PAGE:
Weekly diabetes parliamentary round-up

House of Commons Questions

Churchill, J – PMQs – Type 2 diabetes research

Wed, 1 February 2017 | House of Commons – Oral Question

Jo Churchill (Bury St Edmunds) (Con) This week the Danish drug firm Novo Nordisk invested £115 million in the UK to further research into type 2 diabetes. Will the Prime Minister join me in welcoming that investment as well as the academics and scientists involved, many of whom are from the EU and around the world and will appreciate the assurance she gave earlier? Will she also work with me to ensure that any innovations and new treatments get to patients as quickly as possible?

The Prime Minister As my hon. Friend will probably understand, I recognise this issue particularly personally, although I am a type 1 diabetic rather than type 2. Any investment in diabetes research is to be welcomed, and when new solutions and support for diabetics are found, it is important that they get to people as quickly as possible. A significant number of people in this country suffer from type 2 diabetes, and the figures show that there is a great risk that the number will increase significantly in the coming years. We need to do all that we can not only to prevent people from becoming type 2 diabetics in the first place, but to support those who have that condition so that people suffer from fewer complications and are able to manage their lives.

Older People: Health Education – DH – Jim Shannon

Tue, 31 January 2017 | House of Commons – Written Answer

Asked by Jim Shannon (Strangford) To ask the Secretary of State for Health, what recent steps his Department has taken to issue guidance on how people aged 50 years and older might reduce the risk of their suffering strokes and heart attacks.

Answered by: David Mowat Answered on: 31 January 2017

The Department does not plan to issue any guidance on this matter.

A significant amount of work is being taken across NHS England and Public Health England (PHE) in relation to reducing risk of heart attack and stroke, including:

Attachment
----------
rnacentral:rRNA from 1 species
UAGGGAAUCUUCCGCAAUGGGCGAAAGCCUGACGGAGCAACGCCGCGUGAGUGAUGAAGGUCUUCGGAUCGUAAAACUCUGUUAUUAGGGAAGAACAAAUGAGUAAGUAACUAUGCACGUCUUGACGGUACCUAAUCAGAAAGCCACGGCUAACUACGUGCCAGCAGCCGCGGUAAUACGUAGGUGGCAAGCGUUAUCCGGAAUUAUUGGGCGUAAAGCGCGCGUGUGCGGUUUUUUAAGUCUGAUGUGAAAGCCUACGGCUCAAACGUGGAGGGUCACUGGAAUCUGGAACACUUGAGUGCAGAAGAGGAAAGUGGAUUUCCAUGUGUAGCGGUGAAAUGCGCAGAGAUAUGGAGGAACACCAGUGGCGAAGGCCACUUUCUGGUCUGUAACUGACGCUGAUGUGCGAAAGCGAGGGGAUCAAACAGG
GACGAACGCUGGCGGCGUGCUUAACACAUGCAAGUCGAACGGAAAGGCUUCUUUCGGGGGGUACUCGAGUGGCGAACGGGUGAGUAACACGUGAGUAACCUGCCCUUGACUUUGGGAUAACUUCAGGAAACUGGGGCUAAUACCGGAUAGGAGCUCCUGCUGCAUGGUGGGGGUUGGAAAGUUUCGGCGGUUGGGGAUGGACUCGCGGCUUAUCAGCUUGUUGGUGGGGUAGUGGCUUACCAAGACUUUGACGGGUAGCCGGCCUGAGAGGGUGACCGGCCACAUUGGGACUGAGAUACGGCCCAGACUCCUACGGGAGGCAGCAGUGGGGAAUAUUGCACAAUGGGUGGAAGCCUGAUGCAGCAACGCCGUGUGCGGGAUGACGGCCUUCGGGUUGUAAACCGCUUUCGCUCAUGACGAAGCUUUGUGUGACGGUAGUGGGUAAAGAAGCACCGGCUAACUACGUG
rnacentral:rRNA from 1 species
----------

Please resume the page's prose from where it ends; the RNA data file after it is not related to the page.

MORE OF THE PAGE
– PHE’s role in addressing cardiovascular disease (CVD) is set out in Action on cardiovascular disease: getting serious about prevention which is available at the following link and includes guidance in the form of resources and support that PHE provides to help tackle CVD prevention:

– PHE and partners have published an updated version of the Heart Age Tool, which is designed to help people understand their heart health and cardiovascular risk factors;

– PHE supports local authorities with delivering the NHS Health Check programme, tackling the leading risk factors that contribute to preventable death and disability with the potential reach of 15 million eligible people in England, and issues regularly updated best practice guidance to help aid the implementation of the programme;

– Rolling out the NHS Diabetes Prevention Programme across England, offering intensive behaviour change support to individuals identified as at high risk of diabetes – a major cause of heart attack and stroke; and

– PHE also manages campaigns specifically targeting the over 50s including the Be Clear on Cancer campaign to raise awareness of respiratory symptoms, including breathlessness, which can be a symptom of heart disease and the Act FAST campaign to raise awareness of the signs of a stroke and encourage people to call 999 immediately, so that those experiencing a stroke get to hospital as soon as possible.

Diabetes: Health Education – DH – Keith Vaz

Fri, 27 January 2017 | House of Commons – Written Answer

Asked by Keith Vaz (Leicester East) To ask the Secretary of State for Health, which clinical commissioning groups (CCGs) have received funding under the NHS Diabetes Prevention Programme; and how much funding each of those CCGs received.

Answered by: Nicola Blackwood Answered on: 27 January 2017

In 2016/17, NHS England funded local health economies with a total of £1,474,500 to support implementation activities and costs relating to the NHS Diabetes Prevention Programme (NHS DPP). Health economies are partnerships of clinical commissioning groups and local authorities.

NHS England has also nationally commissioned the NHS DPP behavioural interventions that are provided to local health economies.

School Milk – DfE – Julie Elliott

Fri, 27 January 2017 | House of Commons – Written Answer

Asked by Julie Elliott (Sunderland Central) To ask the Secretary of State for Education, what plans her Department has to encourage greater uptake of free milk in schools and nurseries.

Answered by: Edward Timpson Answered on: 27 January 2017